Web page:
Green Mountain, CME, Apple, P&G, Trucking: ComplianceEllen Rosen
Aug. 5 (Bloomberg) -- The U.S. Securities and Exchange Commission sued a former Green Mountain Coffee Roasters employee, claiming he repeatedly obtained quarterly earnings data and traded in advance of its public release.
Chad McGinnis, who worked as a systems administrator at Vermont-based Green Mountain, bought the company’s securities -- typically out-of-the-money options -- shortly before earnings announcements, the SEC said in a statement Aug. 2. He also tipped Sergey Pugach, a longtime friend and business associate, who was also accused of illegal trading, the SEC said.
The two men reaped $7 million in illegal profit by using the inside information from earnings announcements since 2010, according to the complaint filed in federal court in Connecticut.
“McGinnis and Pugach exploited confidential company financial data to conduct their insider trading scheme to the detriment of Green Mountain Coffee and its shareholders,” said Donald Hoerl, director of the SEC’s Denver office. “The timing of their trades was consistently and exceptionally successful, but their scheme ultimately was not.”
In a statement, Brian Kelley, Green Mountain’s president and chief executive officer, said the company is “appalled at the alleged actions of this individual.” He said Green Mountain had “no reason to believe anyone else associated with the company was involved.”
The SEC complaint was filed under seal on July 24, when the court granted a motion seeking a temporary restraining order and an asset freeze, the agency said.
McGinnis is represented by Michael English, an attorney at Finn Dixon & Herling LLP in Stamford, Connecticut, who declined to comment.
Pugach is represented by Alan Sobol of Pullman & Comley LLC in Hartford, Connecticut. When reached by phone Aug. 2, Sobol said because the complaint had just been unsealed, he wanted to “review the pleadings before” before making a statement.
A hearing is set for Aug. 7.
The case is Securities and Exchange Commission v. McGinnis, 13-cv-01047, U.S. District Court, District of Connecticut (New Haven).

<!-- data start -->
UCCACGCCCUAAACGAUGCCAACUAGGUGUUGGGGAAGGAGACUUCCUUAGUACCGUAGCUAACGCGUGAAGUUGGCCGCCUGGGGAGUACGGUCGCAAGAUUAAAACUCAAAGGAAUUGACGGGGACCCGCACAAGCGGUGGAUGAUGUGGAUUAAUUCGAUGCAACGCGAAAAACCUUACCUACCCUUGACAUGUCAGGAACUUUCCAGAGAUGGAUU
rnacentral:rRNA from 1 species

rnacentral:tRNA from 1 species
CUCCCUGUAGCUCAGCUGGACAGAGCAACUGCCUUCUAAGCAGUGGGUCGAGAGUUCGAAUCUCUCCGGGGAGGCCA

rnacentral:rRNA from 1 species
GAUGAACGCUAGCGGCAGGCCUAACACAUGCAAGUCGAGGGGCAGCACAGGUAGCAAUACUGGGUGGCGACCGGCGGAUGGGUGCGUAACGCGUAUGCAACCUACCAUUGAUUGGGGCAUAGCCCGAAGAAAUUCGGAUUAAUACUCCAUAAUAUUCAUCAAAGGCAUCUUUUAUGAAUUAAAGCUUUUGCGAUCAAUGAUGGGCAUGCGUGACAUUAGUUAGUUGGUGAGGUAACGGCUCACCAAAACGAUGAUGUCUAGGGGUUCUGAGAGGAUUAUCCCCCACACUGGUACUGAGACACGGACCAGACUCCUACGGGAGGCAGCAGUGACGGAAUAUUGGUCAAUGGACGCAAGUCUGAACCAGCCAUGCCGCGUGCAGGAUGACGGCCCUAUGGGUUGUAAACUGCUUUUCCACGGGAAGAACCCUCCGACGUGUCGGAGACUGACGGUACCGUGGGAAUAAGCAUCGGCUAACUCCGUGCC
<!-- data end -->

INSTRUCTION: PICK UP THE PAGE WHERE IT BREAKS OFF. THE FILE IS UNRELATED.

CME Must Improve Surveillance of Derivatives Trades, CFTC Says
CME Group Inc., owner of the world’s largest futures exchange, must improve surveillance of transactions on its systems and require traders to keep better records, the Commodity Futures Trading Commission said.
CME, which is also a self-regulatory organization, had inadequate systems to oversee trades that result in an exchange for a related cash or derivative position, the Washington-based CFTC said in a 75-page enforcement review released Aug. 2.
“An improved and robust program is necessary,” the agency said. Chicago-based CME should require all firms that clear the trades to have a “more robust audit process,” it said.
Many of the CFTC’s recommendations have already been implemented, according to Laurie Bischel, a spokeswoman for CME.
“We are committed to ensuring fair, well-regulated markets for all of our customers and are continually working to enhance the oversight of our markets,” Bischel said in an e-mail statement.
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Issa Subpoenas Treasury for IRS Documents in Tea Party Probe
House Oversight Committee Chairman Darrell Issa sent a subpoena for U.S. Internal Revenue Service documents to the Treasury secretary, saying he thinks the agency’s chief counsel’s office is compromised.
The IRS hasn’t been forthcoming in responding to committee requests for documents related to the agency’s scrutiny of Tea Party groups seeking tax exemptions, Issa, a California Republican, said Aug. 2. He spoke at a hearing of a subcommittee of his panel in Washington and issued the subpoena afterward.